Right now, inside Intel’s headquarters, a deadly serious game of “Gladiator” is pitting Intel’s client products against one another.
During its quarterly earnings call on Tuesday, Intel said it now expects the PC market to decline in the “high single digits” throughout all of 2016, rather than the mid-single-digit drop it previously expected. IDC and Gartner said recently that the PC market dropped between 10 and 12 percent during the first quarter. “Our projection of the PC market...is more cautious than third-party estimates,” chief financial officer Stacy Smith told analysts.
That’s justification enough to begin extricating Intel from the PC market, Krzanich told analysts. As it has for years, Intel appears to be banking on the continued success of the high-margin data center business, while it seeks a new frontier that could evolve into the next PC: the Internet of Things.
With the continuing decline of the PC, tablet, and smartphone businesses, Intel is coldly evaluating which products will stay, and which will fall. All in all, Intel Chief Executive Brian Krzanich described a strategy for Intel where underperforming products are abandoned and its assets repurposed away from the PC and into Intel’s new frontiers, including the data center (or cloud) and the Internet of Things. When that process is completed, Krzanich said, the company believes it will yield the highest amount of revenue per employee ever.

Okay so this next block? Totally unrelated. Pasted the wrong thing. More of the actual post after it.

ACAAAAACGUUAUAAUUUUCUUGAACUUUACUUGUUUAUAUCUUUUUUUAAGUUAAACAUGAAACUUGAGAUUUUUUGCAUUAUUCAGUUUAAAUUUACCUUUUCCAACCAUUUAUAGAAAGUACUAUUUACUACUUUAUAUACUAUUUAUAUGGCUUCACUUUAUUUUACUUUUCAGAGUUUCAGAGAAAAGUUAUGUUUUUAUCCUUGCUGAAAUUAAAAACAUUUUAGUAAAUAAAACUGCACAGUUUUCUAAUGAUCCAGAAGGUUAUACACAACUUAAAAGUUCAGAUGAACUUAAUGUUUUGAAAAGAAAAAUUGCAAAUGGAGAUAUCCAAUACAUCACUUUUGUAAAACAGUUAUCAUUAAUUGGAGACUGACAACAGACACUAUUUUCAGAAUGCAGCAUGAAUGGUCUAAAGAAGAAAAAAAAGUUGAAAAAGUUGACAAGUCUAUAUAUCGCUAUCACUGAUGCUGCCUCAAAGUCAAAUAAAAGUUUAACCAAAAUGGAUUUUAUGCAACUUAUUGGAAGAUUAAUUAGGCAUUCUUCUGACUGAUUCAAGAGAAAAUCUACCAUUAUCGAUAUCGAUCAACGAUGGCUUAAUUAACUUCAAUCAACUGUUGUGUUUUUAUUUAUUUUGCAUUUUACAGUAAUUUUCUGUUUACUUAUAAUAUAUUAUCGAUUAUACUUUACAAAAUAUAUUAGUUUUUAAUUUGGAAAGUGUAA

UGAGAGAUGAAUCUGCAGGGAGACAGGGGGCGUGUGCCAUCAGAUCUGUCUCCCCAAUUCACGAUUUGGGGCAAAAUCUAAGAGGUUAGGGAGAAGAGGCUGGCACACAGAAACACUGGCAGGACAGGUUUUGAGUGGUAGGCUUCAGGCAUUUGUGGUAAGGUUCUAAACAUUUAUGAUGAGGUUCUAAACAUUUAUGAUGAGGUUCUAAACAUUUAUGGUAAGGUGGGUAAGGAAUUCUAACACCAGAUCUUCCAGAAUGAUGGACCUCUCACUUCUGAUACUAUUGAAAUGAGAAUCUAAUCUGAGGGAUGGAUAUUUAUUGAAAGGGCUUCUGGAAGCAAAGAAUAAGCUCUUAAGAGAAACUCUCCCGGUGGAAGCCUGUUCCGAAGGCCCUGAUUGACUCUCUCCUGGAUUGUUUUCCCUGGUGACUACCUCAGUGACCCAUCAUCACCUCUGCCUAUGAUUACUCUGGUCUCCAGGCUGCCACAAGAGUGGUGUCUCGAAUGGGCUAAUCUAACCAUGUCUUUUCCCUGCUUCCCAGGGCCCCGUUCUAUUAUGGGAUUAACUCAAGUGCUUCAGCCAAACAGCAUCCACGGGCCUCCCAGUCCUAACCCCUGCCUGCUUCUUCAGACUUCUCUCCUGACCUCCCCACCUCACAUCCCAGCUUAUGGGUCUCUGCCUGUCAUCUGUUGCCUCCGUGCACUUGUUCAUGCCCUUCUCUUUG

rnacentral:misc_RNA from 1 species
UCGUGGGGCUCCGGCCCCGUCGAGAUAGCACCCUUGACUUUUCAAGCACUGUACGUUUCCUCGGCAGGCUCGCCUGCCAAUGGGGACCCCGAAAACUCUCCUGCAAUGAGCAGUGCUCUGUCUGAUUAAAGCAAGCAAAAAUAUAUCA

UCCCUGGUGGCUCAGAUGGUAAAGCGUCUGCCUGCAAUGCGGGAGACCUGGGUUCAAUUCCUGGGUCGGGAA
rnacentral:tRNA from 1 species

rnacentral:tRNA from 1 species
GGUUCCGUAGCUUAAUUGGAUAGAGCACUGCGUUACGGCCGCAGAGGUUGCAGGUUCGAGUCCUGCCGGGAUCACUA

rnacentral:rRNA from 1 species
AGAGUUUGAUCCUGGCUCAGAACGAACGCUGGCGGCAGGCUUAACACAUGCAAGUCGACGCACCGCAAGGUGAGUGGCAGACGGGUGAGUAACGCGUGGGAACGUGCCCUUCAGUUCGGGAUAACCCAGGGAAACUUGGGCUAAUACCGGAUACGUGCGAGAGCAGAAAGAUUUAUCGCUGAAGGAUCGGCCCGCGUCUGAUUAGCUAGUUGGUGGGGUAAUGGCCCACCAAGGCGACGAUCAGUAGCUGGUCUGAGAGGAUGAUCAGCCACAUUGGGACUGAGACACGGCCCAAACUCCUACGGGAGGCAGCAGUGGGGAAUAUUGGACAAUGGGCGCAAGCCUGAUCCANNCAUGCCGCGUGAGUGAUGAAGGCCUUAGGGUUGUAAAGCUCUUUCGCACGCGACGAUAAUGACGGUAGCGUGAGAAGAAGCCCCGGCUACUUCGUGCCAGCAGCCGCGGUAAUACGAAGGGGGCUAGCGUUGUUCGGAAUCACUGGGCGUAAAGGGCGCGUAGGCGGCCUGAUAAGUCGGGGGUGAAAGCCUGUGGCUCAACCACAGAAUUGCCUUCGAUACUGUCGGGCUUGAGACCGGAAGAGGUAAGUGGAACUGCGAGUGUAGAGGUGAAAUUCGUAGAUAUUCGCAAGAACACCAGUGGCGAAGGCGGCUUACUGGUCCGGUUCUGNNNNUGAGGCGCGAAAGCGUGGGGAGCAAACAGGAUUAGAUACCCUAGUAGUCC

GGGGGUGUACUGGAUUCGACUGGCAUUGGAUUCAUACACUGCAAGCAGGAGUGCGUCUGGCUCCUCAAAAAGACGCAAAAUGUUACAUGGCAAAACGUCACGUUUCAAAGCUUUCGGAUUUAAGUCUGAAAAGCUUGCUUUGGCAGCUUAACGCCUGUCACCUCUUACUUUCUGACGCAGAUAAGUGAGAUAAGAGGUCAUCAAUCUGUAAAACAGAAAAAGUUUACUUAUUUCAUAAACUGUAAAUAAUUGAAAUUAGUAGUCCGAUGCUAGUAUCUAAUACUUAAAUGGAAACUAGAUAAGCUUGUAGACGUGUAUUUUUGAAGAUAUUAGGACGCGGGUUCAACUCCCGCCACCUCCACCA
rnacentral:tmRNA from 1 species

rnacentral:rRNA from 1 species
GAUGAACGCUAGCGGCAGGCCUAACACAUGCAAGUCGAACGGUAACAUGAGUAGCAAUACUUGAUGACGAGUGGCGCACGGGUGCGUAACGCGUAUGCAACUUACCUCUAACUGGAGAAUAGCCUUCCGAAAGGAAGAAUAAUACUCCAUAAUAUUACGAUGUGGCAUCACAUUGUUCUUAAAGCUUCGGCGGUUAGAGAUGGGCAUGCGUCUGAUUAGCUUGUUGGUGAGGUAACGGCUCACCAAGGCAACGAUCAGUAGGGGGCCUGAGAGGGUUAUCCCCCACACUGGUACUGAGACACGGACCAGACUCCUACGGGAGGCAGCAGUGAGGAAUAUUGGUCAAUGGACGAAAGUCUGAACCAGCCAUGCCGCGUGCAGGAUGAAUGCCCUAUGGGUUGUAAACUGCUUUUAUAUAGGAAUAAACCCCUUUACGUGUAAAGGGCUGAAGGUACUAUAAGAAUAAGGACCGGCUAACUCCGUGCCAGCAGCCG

Intel’s bailing out of the PC market...or is it?
Intel is clear-eyed about the need to grow beyond its PC roots. “We’ve talked about this transformation, that we’re moving from client-centric...to a company that’s focused more on a much broader set of products, and really focused around the cloud,” Krzanich said. “The cloud, and all the connected devices that connect to that cloud. And that connectivity that brings those devices to the cloud. And that includes the PC, but it’s much more than that.”
Currently, Krzanich said, 40 percent of Intel’s revenue and 60 percent of its profit margin already come from outside the PC. “It’s time to make this transition and to push the company over all the way to that strategy and that strategic direction,” Krzanich added. “That’s why we wanted to do it now.”
Intel targets 2-in-1s, gaming PCs
What this doesn’t mean, however, is that Intel is refusing to invest in the PC market. On the contrary, Krzanich identified several key areas where Intel plans to lead. Both 2-in-1s and high-end gaming PCs are growing at double-digit rates, he said. Set-top boxes, where Intel is gaining share, are becoming more like PCs.
All three segments are areas where Intel will likely double down. “It’s not just about cutting cost in the client area,” Krzanich explained. “We think we can become more focused.”
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